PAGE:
# Simple Differential Equation

1. Mar 13, 2010

### RentonT

1. The problem statement, all variables and given/known data
"Solve this differential equation algebraically, subject to the initial condition that $$y=10$$ at $$t=0$$

2. Relevant equations
$$\frac{dy}{dt} = 2y*\frac{1000-y}{1000}$$

3. The attempt at a solution
I first reduced the right side to $$\frac{-y^2}{500} + 2y$$
After that I separated the variables, but I don't know how to integrate that function.
Can anyone point me in the right step?
$$\int \frac {dy}{\frac{-y^2}{500}+2y}$$

Last edited: Mar 13, 2010
2. Mar 13, 2010

### Dick

Have you done any partial fractions recently? You can write the integrand as A/(y)+B/(1000-y). You just need to find A and B.

3. Mar 13, 2010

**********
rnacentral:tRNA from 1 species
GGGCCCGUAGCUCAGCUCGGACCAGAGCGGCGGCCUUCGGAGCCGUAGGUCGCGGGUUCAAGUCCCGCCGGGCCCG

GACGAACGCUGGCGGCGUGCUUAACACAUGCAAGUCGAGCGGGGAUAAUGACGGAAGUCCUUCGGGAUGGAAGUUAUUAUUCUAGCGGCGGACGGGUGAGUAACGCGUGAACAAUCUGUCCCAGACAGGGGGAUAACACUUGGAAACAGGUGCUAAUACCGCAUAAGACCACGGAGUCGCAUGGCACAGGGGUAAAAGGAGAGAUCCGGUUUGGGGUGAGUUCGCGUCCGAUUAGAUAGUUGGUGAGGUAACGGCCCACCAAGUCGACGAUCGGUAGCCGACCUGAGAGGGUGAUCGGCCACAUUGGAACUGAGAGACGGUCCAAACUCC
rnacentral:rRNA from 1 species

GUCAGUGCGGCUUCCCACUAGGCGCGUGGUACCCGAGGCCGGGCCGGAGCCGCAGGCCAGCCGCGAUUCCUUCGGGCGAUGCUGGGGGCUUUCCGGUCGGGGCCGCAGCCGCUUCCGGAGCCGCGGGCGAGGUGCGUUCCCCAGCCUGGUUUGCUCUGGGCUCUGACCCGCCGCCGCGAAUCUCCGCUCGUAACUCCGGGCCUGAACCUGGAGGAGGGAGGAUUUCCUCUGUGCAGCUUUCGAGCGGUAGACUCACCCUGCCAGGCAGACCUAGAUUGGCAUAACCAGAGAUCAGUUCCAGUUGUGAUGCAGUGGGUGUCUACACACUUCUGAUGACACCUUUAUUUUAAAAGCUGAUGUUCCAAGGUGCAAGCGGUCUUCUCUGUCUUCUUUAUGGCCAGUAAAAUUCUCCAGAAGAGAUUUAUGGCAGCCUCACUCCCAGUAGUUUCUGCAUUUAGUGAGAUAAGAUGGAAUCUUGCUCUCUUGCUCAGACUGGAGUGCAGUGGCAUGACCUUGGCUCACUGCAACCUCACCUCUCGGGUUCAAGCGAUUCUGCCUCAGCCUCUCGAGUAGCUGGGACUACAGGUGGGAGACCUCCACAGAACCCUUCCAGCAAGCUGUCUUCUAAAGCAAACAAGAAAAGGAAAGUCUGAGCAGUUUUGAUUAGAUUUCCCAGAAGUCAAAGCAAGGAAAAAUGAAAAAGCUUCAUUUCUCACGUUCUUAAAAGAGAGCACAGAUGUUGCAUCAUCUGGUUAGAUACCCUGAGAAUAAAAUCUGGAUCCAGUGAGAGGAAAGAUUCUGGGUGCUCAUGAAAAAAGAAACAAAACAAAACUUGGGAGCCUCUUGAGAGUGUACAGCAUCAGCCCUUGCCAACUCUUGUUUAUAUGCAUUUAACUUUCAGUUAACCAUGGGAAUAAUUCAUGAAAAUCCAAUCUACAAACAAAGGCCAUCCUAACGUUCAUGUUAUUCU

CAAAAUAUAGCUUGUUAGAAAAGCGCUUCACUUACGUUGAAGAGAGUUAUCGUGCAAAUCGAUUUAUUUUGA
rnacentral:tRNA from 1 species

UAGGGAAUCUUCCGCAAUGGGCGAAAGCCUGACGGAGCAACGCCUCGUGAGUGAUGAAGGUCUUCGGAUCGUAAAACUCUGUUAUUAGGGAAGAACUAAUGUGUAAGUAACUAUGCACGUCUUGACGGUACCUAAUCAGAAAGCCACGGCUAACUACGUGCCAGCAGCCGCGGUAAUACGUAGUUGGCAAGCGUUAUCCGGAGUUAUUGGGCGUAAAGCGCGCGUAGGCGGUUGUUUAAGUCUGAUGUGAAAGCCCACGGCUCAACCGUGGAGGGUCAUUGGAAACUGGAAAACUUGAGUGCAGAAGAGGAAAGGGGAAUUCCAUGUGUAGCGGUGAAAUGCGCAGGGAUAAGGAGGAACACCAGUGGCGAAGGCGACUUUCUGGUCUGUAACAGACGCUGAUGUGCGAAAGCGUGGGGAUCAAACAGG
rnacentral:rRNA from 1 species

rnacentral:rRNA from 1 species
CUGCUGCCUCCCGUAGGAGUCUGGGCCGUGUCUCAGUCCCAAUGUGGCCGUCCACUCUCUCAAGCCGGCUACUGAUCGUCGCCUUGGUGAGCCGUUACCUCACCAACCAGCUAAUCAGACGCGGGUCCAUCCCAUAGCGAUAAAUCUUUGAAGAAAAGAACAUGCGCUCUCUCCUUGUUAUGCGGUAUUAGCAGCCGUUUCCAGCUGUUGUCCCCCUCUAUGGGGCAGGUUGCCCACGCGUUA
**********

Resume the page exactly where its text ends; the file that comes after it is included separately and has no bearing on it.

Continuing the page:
### RentonT

I am in fact working on the section over partial fractions. Thank you very much Dick. I see how partial fractions plays into this. Might I ask how you got $$\frac{A}{y} + \frac{B}{1000-y}$$

I'm having trouble seeing the partial fractions. Most of them I have worked with I use the shortcut to Heaviside's Method. Many have been in the form of $$\int \frac {Linear}{Quadratic}$$

Last edited: Mar 13, 2010
4. Mar 13, 2010

### Dick

y and (1000-y) were the factors of your original expression before you multiplied it out. You didn't really want to do that.

5. Mar 13, 2010

### RentonT

OK. So what would be on the left-hand side of the equal sign?
$$x=\frac{A}{y}+\frac{B}{1000-y}$$

I understand you multiply the left side by one of the denominators on the right side and then plug in the x value that would have zeroed the denominator. I just don't know what goes on the left side. Is it the $$\frac{dy}{dt}$$?

6. Mar 13, 2010

### RentonT

Nevermind. My poor algebra skills were my downfall this time. I figured out that it's $$\int \frac{-500}{y(y-1000)}$$

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